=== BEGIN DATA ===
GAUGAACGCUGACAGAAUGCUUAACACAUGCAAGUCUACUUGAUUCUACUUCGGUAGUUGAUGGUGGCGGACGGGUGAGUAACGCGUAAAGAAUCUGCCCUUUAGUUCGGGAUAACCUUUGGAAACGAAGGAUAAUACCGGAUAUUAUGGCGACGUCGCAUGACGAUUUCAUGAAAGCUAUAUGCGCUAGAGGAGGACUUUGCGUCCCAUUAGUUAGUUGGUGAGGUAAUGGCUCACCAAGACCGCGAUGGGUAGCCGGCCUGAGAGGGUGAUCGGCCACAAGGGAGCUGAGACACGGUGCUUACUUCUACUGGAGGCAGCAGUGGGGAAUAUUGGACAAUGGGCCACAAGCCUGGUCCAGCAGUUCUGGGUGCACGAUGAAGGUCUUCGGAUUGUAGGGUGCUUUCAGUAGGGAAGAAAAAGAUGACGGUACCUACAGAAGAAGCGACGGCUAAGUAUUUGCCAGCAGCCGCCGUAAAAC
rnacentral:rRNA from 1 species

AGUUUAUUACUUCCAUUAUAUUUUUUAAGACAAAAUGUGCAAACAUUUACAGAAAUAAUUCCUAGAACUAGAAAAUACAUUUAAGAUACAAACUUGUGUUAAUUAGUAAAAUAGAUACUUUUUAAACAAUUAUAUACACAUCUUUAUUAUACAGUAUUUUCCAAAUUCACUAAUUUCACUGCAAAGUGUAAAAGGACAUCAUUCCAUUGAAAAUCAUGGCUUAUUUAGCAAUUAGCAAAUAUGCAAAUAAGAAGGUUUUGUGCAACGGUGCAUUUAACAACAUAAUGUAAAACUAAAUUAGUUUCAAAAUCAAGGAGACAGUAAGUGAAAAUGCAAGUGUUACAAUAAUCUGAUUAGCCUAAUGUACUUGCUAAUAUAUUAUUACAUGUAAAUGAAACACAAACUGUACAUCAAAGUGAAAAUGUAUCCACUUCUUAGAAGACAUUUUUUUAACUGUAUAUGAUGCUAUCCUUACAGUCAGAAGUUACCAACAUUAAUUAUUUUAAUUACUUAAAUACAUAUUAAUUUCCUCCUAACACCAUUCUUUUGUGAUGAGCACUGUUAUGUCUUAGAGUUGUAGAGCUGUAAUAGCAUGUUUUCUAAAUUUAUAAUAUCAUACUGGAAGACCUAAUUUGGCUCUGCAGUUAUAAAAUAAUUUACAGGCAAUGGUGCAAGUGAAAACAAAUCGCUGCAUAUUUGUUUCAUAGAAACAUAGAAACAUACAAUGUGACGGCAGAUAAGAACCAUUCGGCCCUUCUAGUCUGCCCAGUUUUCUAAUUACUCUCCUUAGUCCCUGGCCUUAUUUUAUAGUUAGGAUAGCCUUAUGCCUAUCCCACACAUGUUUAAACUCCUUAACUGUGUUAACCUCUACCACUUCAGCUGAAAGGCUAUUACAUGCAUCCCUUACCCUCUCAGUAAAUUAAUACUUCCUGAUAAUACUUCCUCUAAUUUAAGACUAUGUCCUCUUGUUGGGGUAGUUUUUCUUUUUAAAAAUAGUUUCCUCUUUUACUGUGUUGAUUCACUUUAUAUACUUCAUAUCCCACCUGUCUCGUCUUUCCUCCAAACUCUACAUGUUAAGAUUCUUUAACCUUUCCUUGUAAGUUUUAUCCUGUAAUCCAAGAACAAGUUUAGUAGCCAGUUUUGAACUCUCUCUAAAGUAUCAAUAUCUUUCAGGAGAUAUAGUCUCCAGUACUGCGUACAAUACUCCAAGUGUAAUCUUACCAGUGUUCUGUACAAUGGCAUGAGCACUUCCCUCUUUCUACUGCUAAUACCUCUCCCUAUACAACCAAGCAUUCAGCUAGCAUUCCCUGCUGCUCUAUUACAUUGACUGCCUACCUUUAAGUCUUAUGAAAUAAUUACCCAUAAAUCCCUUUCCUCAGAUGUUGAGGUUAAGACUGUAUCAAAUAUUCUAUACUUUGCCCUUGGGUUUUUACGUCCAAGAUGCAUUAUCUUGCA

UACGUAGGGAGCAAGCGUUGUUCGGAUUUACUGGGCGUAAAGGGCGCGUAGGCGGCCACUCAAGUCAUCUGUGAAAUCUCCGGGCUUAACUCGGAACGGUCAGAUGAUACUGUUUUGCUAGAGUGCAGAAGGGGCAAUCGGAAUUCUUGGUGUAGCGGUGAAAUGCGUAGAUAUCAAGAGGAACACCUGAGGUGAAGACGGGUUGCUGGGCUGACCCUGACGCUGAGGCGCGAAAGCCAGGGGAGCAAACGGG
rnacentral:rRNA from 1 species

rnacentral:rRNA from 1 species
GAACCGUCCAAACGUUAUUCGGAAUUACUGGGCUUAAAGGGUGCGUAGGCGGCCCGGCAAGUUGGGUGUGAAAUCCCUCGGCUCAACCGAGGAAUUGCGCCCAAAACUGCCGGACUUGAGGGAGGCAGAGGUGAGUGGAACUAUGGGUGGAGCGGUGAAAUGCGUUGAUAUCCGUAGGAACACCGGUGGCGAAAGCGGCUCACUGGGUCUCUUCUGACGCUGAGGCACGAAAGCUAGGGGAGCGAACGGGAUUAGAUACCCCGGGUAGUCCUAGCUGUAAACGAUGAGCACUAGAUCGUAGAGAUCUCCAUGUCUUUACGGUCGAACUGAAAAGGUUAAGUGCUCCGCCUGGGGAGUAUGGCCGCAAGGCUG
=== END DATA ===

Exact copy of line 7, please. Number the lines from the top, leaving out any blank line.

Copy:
GAACCGUCCAAACGUUAUUCGGAAUUACUGGGCUUAAAGGGUGCGUAGGCGGCCCGGCAAGUUGGGUGUGAAAUCCCUCGGCUCAACCGAGGAAUUGCGCCCAAAACUGCCGGACUUGAGGGAGGCAGAGGUGAGUGGAACUAUGGGUGGAGCGGUGAAAUGCGUUGAUAUCCGUAGGAACACCGGUGGCGAAAGCGGCUCACUGGGUCUCUUCUGACGCUGAGGCACGAAAGCUAGGGGAGCGAACGGGAUUAGAUACCCCGGGUAGUCCUAGCUGUAAACGAUGAGCACUAGAUCGUAGAGAUCUCCAUGUCUUUACGGUCGAACUGAAAAGGUUAAGUGCUCCGCCUGGGGAGUAUGGCCGCAAGGCUG